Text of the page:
Some concessions are inevitable as the core population grows older and the younger generation takes off to college rather than taking over the family business. I asked rhetorically if P.F. Chang’s opened a restaurant on an undeveloped corner, would it be a good idea? Ota said no. It’d take away from the character of the neighborhood and damage longtime businesses that stuck it out. He’d just as soon lie down in front of the tractor to prevent it from happening. The panel agreed.
But the other J-Towns have things ours don't—like an arts and community center. This seems to be a key ingredient missing from the mix. Panelists talked about this fictional building like little kids talk about their dream car—what it would look like, how it could hold lectures and classes, host performances by local and international acts. It could be the artistic and cultural hub of the neighborhood. Pre and post-war, J-town had dance, sumo and movies. Today, it’s heavy with dining and retail but shuts down after 10pm (save the karaoke bar and Hawaiian restaurant). The local Asian American performing arts group CATS has to put on shows away from J-Town at old venues with little parking. Imagine being able to park, eat and walk to a performance, knowing that your car is safe. It seems like a simple request yet given San Jose city politics, a lofty goal.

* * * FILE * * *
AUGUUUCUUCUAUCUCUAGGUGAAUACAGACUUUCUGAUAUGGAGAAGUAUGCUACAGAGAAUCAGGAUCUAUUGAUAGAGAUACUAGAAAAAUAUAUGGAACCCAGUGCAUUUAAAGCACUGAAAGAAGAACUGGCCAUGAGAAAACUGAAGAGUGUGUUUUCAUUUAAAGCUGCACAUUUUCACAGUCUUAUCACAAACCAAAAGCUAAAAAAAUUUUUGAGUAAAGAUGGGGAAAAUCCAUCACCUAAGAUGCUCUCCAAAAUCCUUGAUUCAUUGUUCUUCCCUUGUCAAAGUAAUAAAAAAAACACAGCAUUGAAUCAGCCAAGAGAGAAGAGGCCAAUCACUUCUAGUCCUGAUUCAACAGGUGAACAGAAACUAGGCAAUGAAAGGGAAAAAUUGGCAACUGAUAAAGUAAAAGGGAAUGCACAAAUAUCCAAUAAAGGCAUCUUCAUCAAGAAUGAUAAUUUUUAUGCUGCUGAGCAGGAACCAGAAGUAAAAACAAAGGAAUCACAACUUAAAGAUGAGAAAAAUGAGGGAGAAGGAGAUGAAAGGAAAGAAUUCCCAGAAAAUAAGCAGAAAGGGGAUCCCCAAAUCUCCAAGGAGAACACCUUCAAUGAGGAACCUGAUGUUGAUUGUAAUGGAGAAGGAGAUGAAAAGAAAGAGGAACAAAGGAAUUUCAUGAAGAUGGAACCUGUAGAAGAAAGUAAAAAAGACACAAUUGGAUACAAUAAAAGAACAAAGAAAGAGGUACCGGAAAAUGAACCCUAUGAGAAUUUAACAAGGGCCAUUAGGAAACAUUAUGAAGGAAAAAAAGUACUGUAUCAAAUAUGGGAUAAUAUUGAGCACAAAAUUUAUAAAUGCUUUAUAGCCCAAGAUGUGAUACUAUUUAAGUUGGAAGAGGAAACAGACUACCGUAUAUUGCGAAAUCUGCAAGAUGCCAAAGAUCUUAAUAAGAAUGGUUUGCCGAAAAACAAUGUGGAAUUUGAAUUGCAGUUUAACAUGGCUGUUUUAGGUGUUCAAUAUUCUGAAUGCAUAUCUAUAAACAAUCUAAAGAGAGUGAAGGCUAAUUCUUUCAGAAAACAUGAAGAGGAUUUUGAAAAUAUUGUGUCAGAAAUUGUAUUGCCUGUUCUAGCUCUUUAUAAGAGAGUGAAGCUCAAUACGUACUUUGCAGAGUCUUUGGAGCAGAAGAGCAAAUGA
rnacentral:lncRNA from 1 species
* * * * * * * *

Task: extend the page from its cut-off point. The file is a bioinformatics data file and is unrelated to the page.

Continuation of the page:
Of course it all comes down to money. Where are all the dot commers who grew up playing ball in CYS then made a mint in technology? Where are the Japanese American entrepreneurs with extra cash to flow? It’s like Japantown is your parent’s house, said SJ Arts Commission member Ben Miyaji. You can go away yet come home every couple months to eat, do laundry and nobody asks anything from you. It could be time to start charging for soap and water, washing and folding…